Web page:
Kids with cancer treated to a week of fun

More than 40 children suffering from cancer were invited to a week of fun and adventure for the 30th Camp Quality, hosted by the Rotary Club.

Over the past few days, the camp has been focusing on the children developing new skills, making friends and gaining memories to last a lifetime. Organiser and former president of the Rotary Club, Mr Brian Hyson, said this provides children, often from disadvantaged backgrounds, with an uplifting experience.
“Camp Quality is a volunteer, non-profit, charitable organisation that strives to improve the quality of life for children living with cancer,” Hyson said. He added that they want them to find joy and hope through the healing power of laughter and optimism, shared experiences and ongoing support.
“We are supported by a group of generous corporations, foundations, individuals and service clubs that understand the need and how their gifts ensure our camps remain free, and that through their support each child will be able to increase their self-esteem and quality of life.”
Among the many locals who made this camp possible were Mr Ricardo Fernandes and Mr Gérard le Roux, who in October last year took on more than 100 kilometres on foot to raise awareness and funds to make this camp unforgettable. They were accompanied by a representative of CHOC Childhood Cancer Foundation, an organisation that provides support to the families of children with cancer.
The campers are divided into groups for various team-building exercises and games. Volunteers from Uplands College are acting as the team leaders. To ensure that the children are safe and healthy at all times, a team of Rotarians, student volunteers, medical volunteers and a pastor will attend to them. A full-time paramedic will accompany the children on all their outings and will make sure to stick close to the group in case of an emergency. On Monday the camp kicked off with a welcoming session in the form of a braai, followed by an orientation and drumming session.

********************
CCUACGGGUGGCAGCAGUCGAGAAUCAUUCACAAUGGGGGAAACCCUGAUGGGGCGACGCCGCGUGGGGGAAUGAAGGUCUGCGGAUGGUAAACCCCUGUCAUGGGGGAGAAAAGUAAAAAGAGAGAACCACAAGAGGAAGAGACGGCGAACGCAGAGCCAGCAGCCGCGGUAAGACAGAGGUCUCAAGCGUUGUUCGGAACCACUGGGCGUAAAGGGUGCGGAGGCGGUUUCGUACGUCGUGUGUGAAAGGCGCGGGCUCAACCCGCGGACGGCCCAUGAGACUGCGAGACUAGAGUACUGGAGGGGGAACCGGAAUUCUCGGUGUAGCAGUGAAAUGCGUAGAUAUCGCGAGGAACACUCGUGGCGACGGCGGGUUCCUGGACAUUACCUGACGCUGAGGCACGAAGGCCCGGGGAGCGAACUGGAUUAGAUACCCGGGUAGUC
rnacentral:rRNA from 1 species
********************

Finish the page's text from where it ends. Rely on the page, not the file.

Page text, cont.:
Tuesday saw the kids start off their day with a team-building session and a trip to the Casterbridge Music Development Academy. On Wednesday, a trip to Sudwala Caves and the Dinosaur Park, was among the exciting adventures they embarked on.
Certainly one of the most exciting adventures on the agenda is Elephant Whispers in Hazyview, where the children will get the opportunity to get up close and personal with these giants today. Activities that followed included aircraft flips, visiting Chimp Eden, horse riding, T-shirt painting, more movies, jumping castles, face painting and a variety of games.
Hyson concluded by saying that the main purpose of the week was to give children a chance to forget about treatment and all the pain and sadness that goes along with having cancer, and to give families a break from the ongoing care the children need.

Stefan de Villiers

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